In 2012, Robert Kaplan argued that Americans had lost their geographical sensitivity following the collapse of the Berlin Wall. The end of the Cold war, for Kaplan, signified the commencement of an era of globalisation, one consequence of which was the gradual loss of “our respect for geography” (Kaplan, 2012, p.3). Kaplan’s account could be critiqued on different grounds, but what is most interesting is that it neglects the international, intellectual and disciplinary dimensions of this supposed link between globalisation and political geographical understanding.

Moreover, this recovery of ‘lost geography’ has frequently happened before. In 1998, for example, the Harvard historian David Landes argued that “geography emits a sulfurous odor of heresy”[sic.], that he was obliged to depict in an early attempt at global economic history (Landes, 1998, p.4). In his quaint and hugely popular account from the same year, the biologist Jared Diamond claimed that geographic difference underpinned uneven patterns of global development (Diamond, 1998). Similarly, in Samuel Huntington’s (1996) ‘Clash of Civilizations’ thesis, there are remnants of a classificatory taxonomy based on an elemental geography. In short, the general idea of environmental, or geographic, determinism remains seductive to ‘public intellectuals’ and, consequently, to public understanding of the social sciences.

This proposal excavates the foundations of geopolitics by focusing on the emergent disciplinary arrangements between political theory, international relations and political geography. Why is it that some scholars continually evangelise geographic arguments that have been seen as intellectually suspect by political geographers and social scientists?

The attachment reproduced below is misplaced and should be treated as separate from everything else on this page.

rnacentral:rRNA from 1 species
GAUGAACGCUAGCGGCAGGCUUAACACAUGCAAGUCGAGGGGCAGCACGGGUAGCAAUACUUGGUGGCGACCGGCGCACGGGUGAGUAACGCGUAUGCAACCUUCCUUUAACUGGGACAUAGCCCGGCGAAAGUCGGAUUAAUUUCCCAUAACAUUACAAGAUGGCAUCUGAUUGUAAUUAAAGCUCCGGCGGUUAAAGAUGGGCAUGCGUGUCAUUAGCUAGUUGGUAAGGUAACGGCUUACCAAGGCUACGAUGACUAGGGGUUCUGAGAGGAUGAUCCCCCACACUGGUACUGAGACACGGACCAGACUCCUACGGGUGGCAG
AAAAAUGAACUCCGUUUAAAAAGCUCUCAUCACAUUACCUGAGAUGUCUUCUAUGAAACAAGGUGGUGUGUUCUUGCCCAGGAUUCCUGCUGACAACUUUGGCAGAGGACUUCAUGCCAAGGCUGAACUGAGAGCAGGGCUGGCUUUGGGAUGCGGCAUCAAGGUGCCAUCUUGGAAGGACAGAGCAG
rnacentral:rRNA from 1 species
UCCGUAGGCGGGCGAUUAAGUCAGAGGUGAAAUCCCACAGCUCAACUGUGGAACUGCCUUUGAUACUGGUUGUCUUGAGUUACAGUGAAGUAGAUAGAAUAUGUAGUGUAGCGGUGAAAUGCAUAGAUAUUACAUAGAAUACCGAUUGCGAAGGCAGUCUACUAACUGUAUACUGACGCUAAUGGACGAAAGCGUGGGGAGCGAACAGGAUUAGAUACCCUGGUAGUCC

The Focus

David Armitage (2013, p.2) has recently proposed the need for “international intellectual history” and has called for further examination of the emergence of the distinction between the domestic and the international in political thought. The critical question for Armitage, aping Quentin Skinner, becomes “‘How did we – all of us in the world – come to imagine that we inhabit a world of states?’” (Armitage, 2013, p.13). This question cannot be answered, at least for the late nineteenth and twentieth centuries, without turning to the unpopular field of geopolitics.

It is the contention here that understandings of IR need to be historicised and spatialised. This project aims to understand relations between geopolitics and IR within a wider European and international intellectual history. It is amnesia over this relationship that has impoverished the history of IR. Moreover, it has allowed the periodic recovering of the work of lost political geographers, especially Halford Mackinder (1904; 1919[1942]).

Armitage (2013, p.4) suggests the need for examination of some of the “foundation myths” of International Relations. Discussions of such epochal moments might include the 1954 Rockefeller conference in Washington, DC and its importance in creating ‘realist’ theories of IR (Guilhot, 2011), or the consolidation of an ‘English School of IR’ at Oxford, Cambridge and the LSE around the writings of Martin Wight, E.H. Carr and Herbert Butterfield (Dunne, 1998).